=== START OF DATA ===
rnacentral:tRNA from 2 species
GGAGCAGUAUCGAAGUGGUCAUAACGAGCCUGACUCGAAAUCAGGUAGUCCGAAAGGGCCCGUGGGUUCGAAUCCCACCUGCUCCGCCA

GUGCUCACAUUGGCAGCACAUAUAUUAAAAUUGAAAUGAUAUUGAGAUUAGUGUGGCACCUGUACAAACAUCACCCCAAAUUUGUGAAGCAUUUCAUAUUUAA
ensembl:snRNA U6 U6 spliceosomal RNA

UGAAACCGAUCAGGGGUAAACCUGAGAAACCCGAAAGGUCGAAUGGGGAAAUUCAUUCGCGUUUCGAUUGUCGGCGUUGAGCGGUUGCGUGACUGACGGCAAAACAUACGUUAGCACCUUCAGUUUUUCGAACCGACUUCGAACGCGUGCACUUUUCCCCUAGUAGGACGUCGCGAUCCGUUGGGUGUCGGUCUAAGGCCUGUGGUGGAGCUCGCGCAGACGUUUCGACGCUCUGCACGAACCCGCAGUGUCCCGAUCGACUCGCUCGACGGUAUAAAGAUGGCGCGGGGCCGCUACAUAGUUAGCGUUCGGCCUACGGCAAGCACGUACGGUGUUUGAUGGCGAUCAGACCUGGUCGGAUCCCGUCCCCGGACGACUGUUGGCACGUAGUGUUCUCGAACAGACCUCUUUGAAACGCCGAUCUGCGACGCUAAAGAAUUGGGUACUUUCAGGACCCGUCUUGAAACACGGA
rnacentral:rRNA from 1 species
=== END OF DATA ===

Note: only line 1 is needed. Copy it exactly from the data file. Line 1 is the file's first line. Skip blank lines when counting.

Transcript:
rnacentral:tRNA from 2 species